“Key West remains a community feeling the impact of Hurricane Irma, which stretched the limits of our nonprofit service organizations,” says Marmillion. “We want to ensure that storm fatigue a number of years later doesn’t prevent these great charities from supporting community needs.

“Additionally, nowhere is the need for protecting natural resources more pronounced than in Key West, where we rely on nature’s abundance and a healthy reef for our livelihoods, recreation and survival. This now annual fashion extravaganza is about helping the place we call home and her people.”

For this year’s Mayhem Fashion Event, the call to artists, designers and creatives is simple: Create a sartorial ensemble worthy of being paraded down a Key West runway. The catch: The outfit must be constructed primarily out of reused, recycled and/or repurposed materials.

“As the world changes and climate issues challenge low-lying communities in Florida and globally, each city has an opportunity to reduce the impact of trash and plastics, which both litter and cause environmental damage and blight in communities,” explains Marmillion.

 

“In Key West, the move to eliminate plastics as serving and bagging items is an appropriate response to the damage our environment is suffering because of human carelessness. It is a goal of our annual fashion program to demonstrate how recycling, repurposing and reusing materials makes sense and can be fun, while providing economic and environmental benefits.”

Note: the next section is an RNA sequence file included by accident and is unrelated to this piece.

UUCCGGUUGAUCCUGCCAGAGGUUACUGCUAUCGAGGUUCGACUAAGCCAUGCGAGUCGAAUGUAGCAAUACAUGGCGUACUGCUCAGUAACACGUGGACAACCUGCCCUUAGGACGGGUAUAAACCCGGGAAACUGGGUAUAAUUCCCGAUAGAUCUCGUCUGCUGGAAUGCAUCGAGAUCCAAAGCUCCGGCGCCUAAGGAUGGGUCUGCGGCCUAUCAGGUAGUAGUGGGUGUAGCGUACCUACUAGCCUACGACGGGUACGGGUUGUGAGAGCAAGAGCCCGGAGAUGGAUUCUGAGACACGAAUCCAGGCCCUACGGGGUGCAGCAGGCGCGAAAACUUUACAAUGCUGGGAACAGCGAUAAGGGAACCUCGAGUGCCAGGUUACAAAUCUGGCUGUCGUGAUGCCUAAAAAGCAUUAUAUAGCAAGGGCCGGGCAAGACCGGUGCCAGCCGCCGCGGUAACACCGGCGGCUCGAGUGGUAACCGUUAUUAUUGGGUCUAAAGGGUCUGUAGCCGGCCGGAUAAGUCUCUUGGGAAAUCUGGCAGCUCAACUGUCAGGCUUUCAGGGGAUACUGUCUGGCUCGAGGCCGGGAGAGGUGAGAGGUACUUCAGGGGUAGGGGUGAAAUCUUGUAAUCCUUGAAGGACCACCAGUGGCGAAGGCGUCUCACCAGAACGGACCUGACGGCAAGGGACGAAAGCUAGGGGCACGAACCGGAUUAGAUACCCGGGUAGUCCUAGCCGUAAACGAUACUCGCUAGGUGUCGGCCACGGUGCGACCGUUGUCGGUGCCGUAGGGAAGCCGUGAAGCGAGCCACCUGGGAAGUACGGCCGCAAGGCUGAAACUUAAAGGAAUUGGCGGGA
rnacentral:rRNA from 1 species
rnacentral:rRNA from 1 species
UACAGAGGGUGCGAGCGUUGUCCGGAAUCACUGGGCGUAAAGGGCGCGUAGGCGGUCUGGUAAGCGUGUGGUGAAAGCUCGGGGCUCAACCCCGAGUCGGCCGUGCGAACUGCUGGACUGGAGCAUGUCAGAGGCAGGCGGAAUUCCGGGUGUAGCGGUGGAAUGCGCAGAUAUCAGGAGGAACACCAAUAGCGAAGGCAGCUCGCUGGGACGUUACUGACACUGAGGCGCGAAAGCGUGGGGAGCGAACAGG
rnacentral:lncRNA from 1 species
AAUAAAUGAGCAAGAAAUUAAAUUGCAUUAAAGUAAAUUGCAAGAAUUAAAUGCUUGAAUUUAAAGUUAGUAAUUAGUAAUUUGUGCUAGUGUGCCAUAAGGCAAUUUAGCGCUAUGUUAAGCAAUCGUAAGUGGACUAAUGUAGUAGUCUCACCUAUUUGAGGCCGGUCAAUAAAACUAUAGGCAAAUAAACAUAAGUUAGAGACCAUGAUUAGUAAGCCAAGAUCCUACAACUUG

Recycling, reusing and repurposing as symbolism for creativity is in keeping with the unique spirit of Key West, says Kris Pabian, event model and Krewe officer. “Our show is a spotlight on need during the high tourist season, creating a runway with a cause.”

The idea behind turning a fashion extravaganza into a charity event comes from a similar event held in New Orleans in the wake of Hurricane Katrina. Not a city to let Mother Nature get her down, New Orleans responded to Katrina the best way she knew how: with humor, creativity and a whole lot of tarp-based style. For the original Blue Tarp Celebration, the hurricane and her detritus served as a muse for dozens of designers dying to do their part to raise money for Katrina victims. And raise money they did. An auction of the outfits after the show raised $6,000 for local charities giving back to those who needed it most (which seems positively picayune compared to the Key West iteration).